Firstly, the pericardium was carefully stripped off and removed with the large blood vessels (aorta and pulmonary arteries) retained for perfusion. The lead oxide and gelatin solution (gelatin and water ratio was 5%; lead oxide solution and water ratio was 25%) were then injected into the chambers of the heart through the aorta . After the solution was cooled down, the heart specimen was scanned using a spiral CT (Philips/Brilliance 64). The raw CT images had a resolution of 512 pixels by 512 pixels, and the total number of images was 531 with the spatial resolution of (Figure 1).
2.1.2. Image Processing Procedure for the Construction of Human Heart Model
The commercial software ScanIP (Simpleware Inc.) was used to segment and reconstruct the anatomy of the human heart with some manual intervention to achieve the maximum accuracy. The processing procedure is briefly summarized as follows.(1)Contrast adjustment: as can be seen in Figure 2(a), the contrast between myocardium and gelatin inside the heart cavity was not obvious in the original CT image. After the contrast adjustment, they could be distinguished obviously (Figure 2(b)). (2)Image cropping: since a large portion of the original CT image was from the background, they were cropped to define the area of interest and to reduce the image size to (Figure 2(c)). After image cropping, the required computer memory was reduced, and the reconstruction speed was improved.(3)Contour extraction: the threshold segmentation was firstly applied to the cropped images to obtain the myocardium (Figure 2(d)). Unfortunately, some nonmyocardial tissues were wrongly included. To overcome this limitation, manual check was performed to exclude these nonmyocardial tissues. The connective tissues linked with the endocardium, such as mastoid muscle, trabecula, and so forth, were also excluded. A regional growing method was then applied to generate a clear myocardial image, as shown in Figure 2(e).(4)Image reconstruction: the above image processing procedure was repeated to all the CT images to reconstruct the heart with a surface mesh (Figures 2(f) and 2(g)).
2.2. Construction of Conduction System of the Cardiome-CN Human Heart Model
Mimics software (Materialise Inc) was used to construct the cardiac conduction system based on prior knowledge of the human heart anatomy. The conduction system in our model contained sinoatrial node (SAN), crista terminalis, pectinate muscles (PM), Bachmann’s bundle (BB), intercaval bundles, atrioventricular node (AVN), atrioventricular ring (AVR), His bundle, bundle branches, and Purkinje network. As an example, the detailed process to construct crista terminalis is summarized as follows.(1)Reconstruct 3D heart model from the segmented CT images: after this step, the manipulation of the voxels in the 3D model directly reflected the corresponding pixels in 2D images. However, at this stage, the conduction system was not distinguished from the heart wall, as shown in Figure 3(a).(2)Edit the CT images interactively: to separate the conduction system, the reconstructed model was depicted based on prior knowledge of the anatomical structure of the human heart. The heart model was extended from the anteromedial wall on the right side of the entrance of the superior caval vein to the right side of the entrance of the inferior caval vein [62, 63]. The voxels from the right side of the superior caval vein and downwards to the right side of the inferior caval vein were then selected as shown in Figure 3(b). (3)Project to 2D image: after the voxels of crista terminalis were obtained, they were deleted from the 3D model (the white banding in Figure 3(c)). The corresponding 2D image pixels were also deleted as marked with the green rectangle in Figure 3(c). (4)Edit the 2D images: an image erosion operation was performed to locate crista terminalis under the epicardium, and a dilation operation was used to spread crista terminalis out of the endocardium. The final 3D model was obtained as shown in Figure 3(d). The blue pixels in the upper image of Figure 3(d) show a cross-sectional image of the crista terminalis.(5)Classification and visualization: the other conduction bundles were also obtained similarly by repeating the above 4 steps.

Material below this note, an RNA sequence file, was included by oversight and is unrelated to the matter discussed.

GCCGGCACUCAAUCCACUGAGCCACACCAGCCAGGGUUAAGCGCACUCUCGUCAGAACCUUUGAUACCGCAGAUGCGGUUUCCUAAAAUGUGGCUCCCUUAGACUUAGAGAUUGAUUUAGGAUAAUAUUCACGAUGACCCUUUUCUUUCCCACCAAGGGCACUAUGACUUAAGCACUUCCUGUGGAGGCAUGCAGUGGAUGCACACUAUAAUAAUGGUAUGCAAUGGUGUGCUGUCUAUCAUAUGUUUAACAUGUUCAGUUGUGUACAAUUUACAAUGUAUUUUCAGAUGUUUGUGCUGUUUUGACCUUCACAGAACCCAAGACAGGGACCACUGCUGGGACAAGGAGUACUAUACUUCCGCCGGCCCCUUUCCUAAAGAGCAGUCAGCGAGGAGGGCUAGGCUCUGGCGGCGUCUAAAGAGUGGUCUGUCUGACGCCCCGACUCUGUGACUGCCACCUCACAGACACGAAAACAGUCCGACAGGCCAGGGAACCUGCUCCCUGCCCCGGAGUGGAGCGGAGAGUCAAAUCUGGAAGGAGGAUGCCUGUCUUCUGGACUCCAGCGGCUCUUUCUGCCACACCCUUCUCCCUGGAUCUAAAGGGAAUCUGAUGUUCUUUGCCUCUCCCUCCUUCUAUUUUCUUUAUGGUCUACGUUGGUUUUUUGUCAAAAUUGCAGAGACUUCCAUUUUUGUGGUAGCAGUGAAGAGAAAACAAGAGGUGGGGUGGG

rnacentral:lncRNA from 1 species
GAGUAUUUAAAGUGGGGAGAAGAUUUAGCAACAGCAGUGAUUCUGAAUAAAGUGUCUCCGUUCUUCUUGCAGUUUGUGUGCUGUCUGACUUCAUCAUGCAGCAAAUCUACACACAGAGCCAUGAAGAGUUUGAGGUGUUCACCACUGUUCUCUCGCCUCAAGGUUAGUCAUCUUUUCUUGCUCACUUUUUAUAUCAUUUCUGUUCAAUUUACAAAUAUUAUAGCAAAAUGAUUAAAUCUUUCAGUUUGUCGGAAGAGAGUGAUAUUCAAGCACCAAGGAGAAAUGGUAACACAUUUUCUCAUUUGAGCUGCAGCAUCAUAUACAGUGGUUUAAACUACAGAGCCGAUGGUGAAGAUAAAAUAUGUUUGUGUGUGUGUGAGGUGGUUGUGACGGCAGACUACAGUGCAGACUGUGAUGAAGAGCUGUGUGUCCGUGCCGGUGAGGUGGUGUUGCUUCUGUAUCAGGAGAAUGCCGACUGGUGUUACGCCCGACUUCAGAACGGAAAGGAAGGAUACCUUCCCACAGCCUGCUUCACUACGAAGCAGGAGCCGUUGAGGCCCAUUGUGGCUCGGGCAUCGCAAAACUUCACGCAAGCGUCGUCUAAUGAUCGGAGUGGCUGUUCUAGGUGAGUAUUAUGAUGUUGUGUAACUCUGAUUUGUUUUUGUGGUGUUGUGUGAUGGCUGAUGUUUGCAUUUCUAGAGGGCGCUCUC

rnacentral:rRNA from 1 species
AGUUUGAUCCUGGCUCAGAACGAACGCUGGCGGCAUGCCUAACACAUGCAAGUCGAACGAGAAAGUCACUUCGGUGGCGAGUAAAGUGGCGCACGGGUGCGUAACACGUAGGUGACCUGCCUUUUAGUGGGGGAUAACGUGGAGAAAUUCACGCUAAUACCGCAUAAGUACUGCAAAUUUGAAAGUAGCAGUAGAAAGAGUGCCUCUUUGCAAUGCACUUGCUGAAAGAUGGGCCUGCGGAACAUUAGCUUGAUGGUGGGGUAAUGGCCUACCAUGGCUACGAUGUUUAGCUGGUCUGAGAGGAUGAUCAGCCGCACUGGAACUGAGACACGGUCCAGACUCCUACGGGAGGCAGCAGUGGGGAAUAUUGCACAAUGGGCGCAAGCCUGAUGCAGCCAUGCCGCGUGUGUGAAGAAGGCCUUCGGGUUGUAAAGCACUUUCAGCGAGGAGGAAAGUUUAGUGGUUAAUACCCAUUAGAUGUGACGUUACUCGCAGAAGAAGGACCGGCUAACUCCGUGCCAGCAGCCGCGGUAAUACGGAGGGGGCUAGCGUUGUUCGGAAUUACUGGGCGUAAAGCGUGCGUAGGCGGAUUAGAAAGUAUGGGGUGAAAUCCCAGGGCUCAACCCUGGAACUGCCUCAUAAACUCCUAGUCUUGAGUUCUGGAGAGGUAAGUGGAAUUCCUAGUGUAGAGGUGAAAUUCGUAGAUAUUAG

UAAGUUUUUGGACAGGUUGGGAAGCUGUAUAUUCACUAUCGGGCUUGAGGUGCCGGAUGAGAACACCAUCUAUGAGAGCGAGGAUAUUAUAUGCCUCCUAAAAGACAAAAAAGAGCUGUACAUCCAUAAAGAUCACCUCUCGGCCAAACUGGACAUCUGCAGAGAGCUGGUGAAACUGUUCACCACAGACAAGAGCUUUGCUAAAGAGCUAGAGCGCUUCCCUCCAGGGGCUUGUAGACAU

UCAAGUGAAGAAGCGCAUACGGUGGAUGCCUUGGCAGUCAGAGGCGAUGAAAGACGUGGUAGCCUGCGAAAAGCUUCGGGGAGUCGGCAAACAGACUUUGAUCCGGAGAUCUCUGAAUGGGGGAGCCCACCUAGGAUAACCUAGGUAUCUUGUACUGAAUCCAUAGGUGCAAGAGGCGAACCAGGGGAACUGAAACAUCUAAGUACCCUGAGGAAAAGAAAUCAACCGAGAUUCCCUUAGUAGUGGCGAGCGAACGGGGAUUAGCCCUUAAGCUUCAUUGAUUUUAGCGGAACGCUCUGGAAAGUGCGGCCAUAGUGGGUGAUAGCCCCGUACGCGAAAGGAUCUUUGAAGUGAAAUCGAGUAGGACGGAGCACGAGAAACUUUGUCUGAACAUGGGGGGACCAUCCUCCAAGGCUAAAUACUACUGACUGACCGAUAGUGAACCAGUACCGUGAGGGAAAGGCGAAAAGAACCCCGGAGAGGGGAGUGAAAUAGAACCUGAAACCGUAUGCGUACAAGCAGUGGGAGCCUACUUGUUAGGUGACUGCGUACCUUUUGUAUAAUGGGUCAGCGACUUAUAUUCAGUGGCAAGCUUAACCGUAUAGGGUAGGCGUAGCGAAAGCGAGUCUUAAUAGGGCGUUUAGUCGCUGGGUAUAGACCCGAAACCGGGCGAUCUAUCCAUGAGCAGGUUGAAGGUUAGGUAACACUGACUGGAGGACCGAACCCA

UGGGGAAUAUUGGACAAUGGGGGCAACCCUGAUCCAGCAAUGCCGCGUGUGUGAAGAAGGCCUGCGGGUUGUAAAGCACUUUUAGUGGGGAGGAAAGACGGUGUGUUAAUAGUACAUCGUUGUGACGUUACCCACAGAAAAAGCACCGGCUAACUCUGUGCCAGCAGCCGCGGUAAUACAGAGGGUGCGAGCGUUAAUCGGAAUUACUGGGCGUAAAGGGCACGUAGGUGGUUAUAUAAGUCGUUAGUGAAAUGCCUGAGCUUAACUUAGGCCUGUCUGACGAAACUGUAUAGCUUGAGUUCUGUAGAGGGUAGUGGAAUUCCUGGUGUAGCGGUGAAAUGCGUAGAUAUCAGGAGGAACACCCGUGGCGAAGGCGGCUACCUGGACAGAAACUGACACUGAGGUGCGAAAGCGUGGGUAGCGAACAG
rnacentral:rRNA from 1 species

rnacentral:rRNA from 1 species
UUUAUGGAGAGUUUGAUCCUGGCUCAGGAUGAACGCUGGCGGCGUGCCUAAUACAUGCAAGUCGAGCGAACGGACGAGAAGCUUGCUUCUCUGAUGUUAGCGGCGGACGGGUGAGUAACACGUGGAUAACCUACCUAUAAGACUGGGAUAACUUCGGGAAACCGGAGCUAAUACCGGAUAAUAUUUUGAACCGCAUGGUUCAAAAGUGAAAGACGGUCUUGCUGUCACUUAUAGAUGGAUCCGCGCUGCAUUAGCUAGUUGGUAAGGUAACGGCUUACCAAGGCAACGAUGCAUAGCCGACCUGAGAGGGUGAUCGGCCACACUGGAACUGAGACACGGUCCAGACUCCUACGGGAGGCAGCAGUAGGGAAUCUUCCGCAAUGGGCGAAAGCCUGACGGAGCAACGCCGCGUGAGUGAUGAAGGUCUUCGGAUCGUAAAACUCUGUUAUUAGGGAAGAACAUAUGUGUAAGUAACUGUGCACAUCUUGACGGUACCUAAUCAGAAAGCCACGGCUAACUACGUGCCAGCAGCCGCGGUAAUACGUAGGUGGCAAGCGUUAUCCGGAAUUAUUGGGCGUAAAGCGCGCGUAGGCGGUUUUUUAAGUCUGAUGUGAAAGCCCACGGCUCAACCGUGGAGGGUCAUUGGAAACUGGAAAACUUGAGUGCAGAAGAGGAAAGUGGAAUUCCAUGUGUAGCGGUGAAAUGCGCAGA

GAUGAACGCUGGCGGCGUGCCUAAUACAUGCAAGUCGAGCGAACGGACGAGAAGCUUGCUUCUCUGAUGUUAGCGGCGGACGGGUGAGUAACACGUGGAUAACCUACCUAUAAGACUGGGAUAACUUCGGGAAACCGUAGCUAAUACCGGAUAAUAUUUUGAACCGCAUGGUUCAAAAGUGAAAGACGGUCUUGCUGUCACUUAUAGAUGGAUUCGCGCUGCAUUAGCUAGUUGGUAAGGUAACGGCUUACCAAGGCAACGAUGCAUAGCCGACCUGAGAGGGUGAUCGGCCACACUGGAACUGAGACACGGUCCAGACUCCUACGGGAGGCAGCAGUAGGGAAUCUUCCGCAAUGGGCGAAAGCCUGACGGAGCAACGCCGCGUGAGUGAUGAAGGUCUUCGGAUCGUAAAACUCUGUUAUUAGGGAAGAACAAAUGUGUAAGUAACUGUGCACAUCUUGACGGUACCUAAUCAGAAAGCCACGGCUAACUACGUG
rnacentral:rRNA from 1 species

2.3. Construction of Fiber Orientation of the Cardiome-CN Human Heart Model
2.3.1. Fiber Orientation Acquisition